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Valerian Root: From Ancient Remedies to Modern Relaxation

Valerian Root: From Ancient Remedies to Modern Relaxation

Valerian root has a long and storied history of medicinal use dating back to ancient times. Its use as a herbal remedy can be traced to ancient Greek and Roman civilizations. The plant’s scientific name, Valeriana officinalis, is derived from the Latin word “valere,” meaning “to be strong” or “healthy,” highlighting its historical association with promoting well-being.

Ancient Greece and Rome

In ancient Greece, Valerian root, known as “phu” in Greek, was highly regarded for its medicinal properties. The Greek physician Dioscorides, in the 1st century AD, mentioned Valerian in his renowned herbal text “De Materia Medica.” He recommended the root for its calming effects and prescribed it as a treatment for insomnia and nervous disorders. Valerian root was often used to help individuals find relief from anxiety, stress, and restlessness. It was prepared as a herbal infusion or decoction, and the soothing brew was consumed to promote relaxation and tranquility.

In ancient Rome, the Valerian root, known as “Valeriana” was also valued for its calming and sedative properties. The Roman physician Galen, who lived in the 2nd century AD, praised the herb for its ability to ease restlessness and promote a good night’s sleep. Valerian root was frequently used to address symptoms of insomnia and was considered a valuable remedy for individuals experiencing sleep disturbances. Roman herbalists and physicians recommended preparations of Valerian root to their patients to help alleviate anxiety and nervous tension.

Both ancient Greeks and Romans recognized Valerian root as an essential herbal remedy for the well-being of the mind and body. Its reputation as a natural sedative and anxiolytic agent made it widely used among people seeking relief from the stresses of daily life. In addition to its calming effects, Valerian root was also considered beneficial for addressing various digestive complaints, such as stomach cramps and indigestion. The use of Valerian root as a therapeutic herb in ancient times reflects its enduring reputation as a natural remedy for relaxation and promoting a sense of tranquility, a reputation that has persisted throughout the ages.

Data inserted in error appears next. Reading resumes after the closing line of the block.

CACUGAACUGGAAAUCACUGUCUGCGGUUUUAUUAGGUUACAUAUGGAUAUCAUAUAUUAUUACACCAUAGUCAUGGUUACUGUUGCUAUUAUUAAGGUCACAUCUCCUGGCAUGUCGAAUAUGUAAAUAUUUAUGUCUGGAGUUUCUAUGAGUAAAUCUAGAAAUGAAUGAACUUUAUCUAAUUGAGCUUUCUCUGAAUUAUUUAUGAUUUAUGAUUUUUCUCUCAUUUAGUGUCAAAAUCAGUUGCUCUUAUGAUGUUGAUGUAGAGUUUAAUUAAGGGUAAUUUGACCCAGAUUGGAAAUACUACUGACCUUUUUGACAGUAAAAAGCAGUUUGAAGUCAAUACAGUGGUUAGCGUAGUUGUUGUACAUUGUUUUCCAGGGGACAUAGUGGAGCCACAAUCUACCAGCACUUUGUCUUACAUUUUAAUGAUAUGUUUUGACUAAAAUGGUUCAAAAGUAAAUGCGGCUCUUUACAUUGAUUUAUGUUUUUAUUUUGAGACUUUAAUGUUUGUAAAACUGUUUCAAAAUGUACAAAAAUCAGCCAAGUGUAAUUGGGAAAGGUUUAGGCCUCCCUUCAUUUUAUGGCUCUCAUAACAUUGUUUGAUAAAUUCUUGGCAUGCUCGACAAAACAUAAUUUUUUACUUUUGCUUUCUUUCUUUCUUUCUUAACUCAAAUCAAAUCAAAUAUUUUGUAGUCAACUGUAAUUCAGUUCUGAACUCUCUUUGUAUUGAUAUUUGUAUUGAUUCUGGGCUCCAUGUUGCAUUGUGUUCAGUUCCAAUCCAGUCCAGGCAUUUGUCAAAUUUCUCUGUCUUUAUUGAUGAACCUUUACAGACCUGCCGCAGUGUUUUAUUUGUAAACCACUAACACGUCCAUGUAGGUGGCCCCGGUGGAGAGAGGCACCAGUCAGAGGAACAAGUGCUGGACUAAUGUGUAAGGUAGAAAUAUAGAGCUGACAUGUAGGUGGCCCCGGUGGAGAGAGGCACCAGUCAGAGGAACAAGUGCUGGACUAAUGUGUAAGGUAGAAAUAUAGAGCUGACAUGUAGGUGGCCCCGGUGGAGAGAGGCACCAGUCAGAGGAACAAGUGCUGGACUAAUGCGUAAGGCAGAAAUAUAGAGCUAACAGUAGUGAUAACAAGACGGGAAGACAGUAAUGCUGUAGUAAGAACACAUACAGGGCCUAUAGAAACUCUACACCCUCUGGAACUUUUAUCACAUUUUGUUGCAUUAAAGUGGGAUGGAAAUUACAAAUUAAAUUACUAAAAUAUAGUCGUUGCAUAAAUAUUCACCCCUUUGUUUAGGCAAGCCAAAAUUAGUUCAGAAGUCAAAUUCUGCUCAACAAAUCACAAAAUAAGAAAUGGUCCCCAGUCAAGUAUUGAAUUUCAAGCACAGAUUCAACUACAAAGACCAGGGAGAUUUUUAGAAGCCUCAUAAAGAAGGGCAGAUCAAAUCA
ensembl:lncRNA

Traditional Chinese medicine

In traditional Chinese medicine (TCM), Valerian root, known as “Gong Song” or “Xi Xin Jiu,” has been valued for centuries for its calming and balancing properties. It is considered a cooling herb that helps to clear heat and disperse stagnation within the body’s energetic system. TCM practitioners often use Valerian root to address imbalances related to the Liver and Heart meridians, which are associated with emotional well-being and sleep patterns. By helping to calm the Shen (spirit) and harmonize the liver, Valerian root is believed to promote relaxation and alleviate sleeplessness.

In TCM, Valerian root is commonly used to support the treatment of insomnia and sleep disturbances. It is believed to have a sedative effect on the nervous system, which helps calm the mind and induce sleep. TCM practitioners may prescribe Valerian root in combination with other herbs to create a balanced formula tailored to the individual’s specific needs. The herb’s ability to calm excessive Liver Qi and nourish the Heart Blood contributes to its effectiveness in promoting a more restful and peaceful sleep.